Have you ever heard of the “medcomms community”? I suspect not, but they are shaping your world. It might be worth spending two minutes reading this blog to learn more about this shadowy crew.
Uncharitably, unfairly, and inaccurately they might be described as a bunch of ghostwriters. More accurately they comprise an industry, probably worth billions, who help the pharmaceutical industry (and a few others) publish their scientific studies, assemble their evidence, and develop and disseminate a “story” around a product or some other objective of the company. They are not researchers or marketing or public relations people, although the latter two groups are keen to occupy the highly profitable space of the “medcomms community.”
I encountered this crowd because I was invited to contribute to discussions at their meeting in the Natural History Museum in Oxford, where more than a century ago Thomas Huxley and the Bishop of Oxford debated evolution, and the bishop asked Huxley whether it was through his grandfather or grandmother that he was descended from a monkey. Last week’s debate was slightly less heated, but I was there (unpaid except for expenses, I hope) in my usual role of naysayer.
Trevor Jones, a former director of the Association of the British Pharmaceutical Industry, a jolly cove, and “inquisitor” at the meeting, was blunt in saying that the world of drug companies focusing on doctors had gone, the image of the industry was tarnished with its employees ranked alongside estate agents and journalists and only just above bankers, and “direct to consumer advertising” was appalling. It isn’t, he said, that our world is changing, it has changed.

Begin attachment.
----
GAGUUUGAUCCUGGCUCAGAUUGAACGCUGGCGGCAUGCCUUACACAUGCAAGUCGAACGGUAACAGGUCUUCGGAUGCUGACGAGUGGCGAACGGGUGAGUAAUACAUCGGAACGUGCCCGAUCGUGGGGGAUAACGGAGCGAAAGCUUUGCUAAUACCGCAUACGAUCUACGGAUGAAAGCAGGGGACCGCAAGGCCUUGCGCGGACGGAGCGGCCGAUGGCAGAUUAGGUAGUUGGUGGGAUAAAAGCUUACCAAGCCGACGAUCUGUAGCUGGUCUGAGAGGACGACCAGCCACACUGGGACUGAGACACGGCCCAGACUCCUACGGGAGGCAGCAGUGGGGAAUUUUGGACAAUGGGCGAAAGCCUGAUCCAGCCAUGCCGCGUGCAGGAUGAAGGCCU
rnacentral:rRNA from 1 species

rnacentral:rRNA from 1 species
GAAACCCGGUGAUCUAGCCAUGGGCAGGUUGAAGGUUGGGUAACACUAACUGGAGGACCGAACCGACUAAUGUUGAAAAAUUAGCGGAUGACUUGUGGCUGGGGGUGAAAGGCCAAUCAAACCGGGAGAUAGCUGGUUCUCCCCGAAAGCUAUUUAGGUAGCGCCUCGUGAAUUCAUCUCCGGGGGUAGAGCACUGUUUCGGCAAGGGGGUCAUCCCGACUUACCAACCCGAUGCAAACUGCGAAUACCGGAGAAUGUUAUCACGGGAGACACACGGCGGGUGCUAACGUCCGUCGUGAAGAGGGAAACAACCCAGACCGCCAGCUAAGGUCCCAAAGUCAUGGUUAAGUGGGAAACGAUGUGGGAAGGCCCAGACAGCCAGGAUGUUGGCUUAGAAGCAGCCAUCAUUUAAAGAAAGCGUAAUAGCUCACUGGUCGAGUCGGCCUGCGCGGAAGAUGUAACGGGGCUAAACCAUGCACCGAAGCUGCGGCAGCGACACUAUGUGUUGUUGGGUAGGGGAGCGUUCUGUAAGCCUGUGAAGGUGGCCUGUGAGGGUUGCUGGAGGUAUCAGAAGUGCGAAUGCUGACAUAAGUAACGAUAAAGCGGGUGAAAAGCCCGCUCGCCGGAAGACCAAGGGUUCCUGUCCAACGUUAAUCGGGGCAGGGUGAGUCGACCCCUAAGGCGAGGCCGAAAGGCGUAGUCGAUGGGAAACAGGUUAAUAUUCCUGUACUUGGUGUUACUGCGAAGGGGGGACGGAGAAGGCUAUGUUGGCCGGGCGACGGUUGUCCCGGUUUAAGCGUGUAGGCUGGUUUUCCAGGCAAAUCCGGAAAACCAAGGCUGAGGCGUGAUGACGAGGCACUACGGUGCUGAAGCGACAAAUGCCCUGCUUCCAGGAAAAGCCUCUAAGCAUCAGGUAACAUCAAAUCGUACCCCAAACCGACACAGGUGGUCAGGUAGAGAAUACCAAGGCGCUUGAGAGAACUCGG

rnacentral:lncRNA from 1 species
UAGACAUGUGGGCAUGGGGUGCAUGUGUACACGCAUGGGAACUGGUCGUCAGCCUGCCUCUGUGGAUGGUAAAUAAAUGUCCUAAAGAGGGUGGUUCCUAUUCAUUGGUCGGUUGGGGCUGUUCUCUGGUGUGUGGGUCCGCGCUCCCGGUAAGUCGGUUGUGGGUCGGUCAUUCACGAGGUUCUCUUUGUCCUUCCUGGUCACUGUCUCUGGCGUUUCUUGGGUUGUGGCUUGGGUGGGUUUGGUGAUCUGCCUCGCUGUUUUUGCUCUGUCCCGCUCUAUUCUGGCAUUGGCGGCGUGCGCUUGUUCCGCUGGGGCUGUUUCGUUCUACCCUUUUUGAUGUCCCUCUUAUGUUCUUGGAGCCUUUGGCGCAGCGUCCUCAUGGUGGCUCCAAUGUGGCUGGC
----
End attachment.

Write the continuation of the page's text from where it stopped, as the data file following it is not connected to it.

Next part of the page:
Leo Francis, president of the Publicis Medical Education Group, spelt out how the world of the “medcomms community” had changed and began by saying that the exclusive focus on the doctor was dead. Now the community must think as well about payers, regulators, and patients. One in five patient groups in the UK is providing care, he told us, and Alex Wyke, chief executive officer of Patient View, said that her organisation knew of 20 000 patient groups in the UK.
Much of the discussion was then about how the “medcomms community” might reach out to patients. The patients, of course, are not going to be able to pay, and so the funding will come from the drug industry. The industry recognises that politicians have to be interested in the views of patients and that patient reported outcomes are becoming more important. Perhaps this is another way for the drug industry to show the value of its drugs.
Some of those in the hall were already working with patient groups, but most doctors, I suspect will find it ominous and even threatening that the “medcomms community” is turning its attention to patients. Some in the hall said that patients didn’t want involvement by drug companies, but are we being too narrow minded? Might the community with its undoubted skills in presenting evidence and creating stories not have a creative role in improving partnerships among doctors, patients, payers, and the industry?
My conclusion was that the “medcomms community” needs to increase its credibility by finding customers in addition to the drug industry and preferably including some non-commercial customers. While it’s seen as a creature of the drug industry it will always be seen as tainted.
You can see videos of most of the meeting at www.ustream.tv/channel/medcomms
Richard Smith is a former editor of the BMJ.